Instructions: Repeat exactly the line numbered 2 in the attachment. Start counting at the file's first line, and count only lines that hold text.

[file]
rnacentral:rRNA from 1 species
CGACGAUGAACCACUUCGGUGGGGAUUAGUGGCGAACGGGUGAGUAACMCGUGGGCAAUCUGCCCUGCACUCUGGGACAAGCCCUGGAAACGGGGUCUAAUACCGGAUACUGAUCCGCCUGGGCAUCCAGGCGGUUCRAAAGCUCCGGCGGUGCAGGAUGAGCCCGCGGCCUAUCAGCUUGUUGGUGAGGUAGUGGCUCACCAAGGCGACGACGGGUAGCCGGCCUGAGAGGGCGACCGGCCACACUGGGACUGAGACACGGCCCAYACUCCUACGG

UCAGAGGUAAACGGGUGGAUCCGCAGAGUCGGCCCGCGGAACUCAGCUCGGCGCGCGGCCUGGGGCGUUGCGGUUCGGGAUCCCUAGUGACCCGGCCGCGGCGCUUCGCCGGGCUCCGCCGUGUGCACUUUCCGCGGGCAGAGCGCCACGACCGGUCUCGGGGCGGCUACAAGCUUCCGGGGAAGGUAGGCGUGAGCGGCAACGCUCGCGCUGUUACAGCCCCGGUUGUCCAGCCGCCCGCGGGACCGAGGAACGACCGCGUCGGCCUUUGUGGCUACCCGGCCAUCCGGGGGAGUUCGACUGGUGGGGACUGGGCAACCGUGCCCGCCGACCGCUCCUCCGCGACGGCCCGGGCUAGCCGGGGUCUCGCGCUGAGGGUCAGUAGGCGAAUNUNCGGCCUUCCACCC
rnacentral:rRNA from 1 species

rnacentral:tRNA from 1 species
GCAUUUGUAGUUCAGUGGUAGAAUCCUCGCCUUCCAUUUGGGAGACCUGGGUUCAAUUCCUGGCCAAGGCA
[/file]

CGACGAUGAACCACUUCGGUGGGGAUUAGUGGCGAACGGGUGAGUAACMCGUGGGCAAUCUGCCCUGCACUCUGGGACAAGCCCUGGAAACGGGGUCUAAUACCGGAUACUGAUCCGCCUGGGCAUCCAGGCGGUUCRAAAGCUCCGGCGGUGCAGGAUGAGCCCGCGGCCUAUCAGCUUGUUGGUGAGGUAGUGGCUCACCAAGGCGACGACGGGUAGCCGGCCUGAGAGGGCGACCGGCCACACUGGGACUGAGACACGGCCCAYACUCCUACGG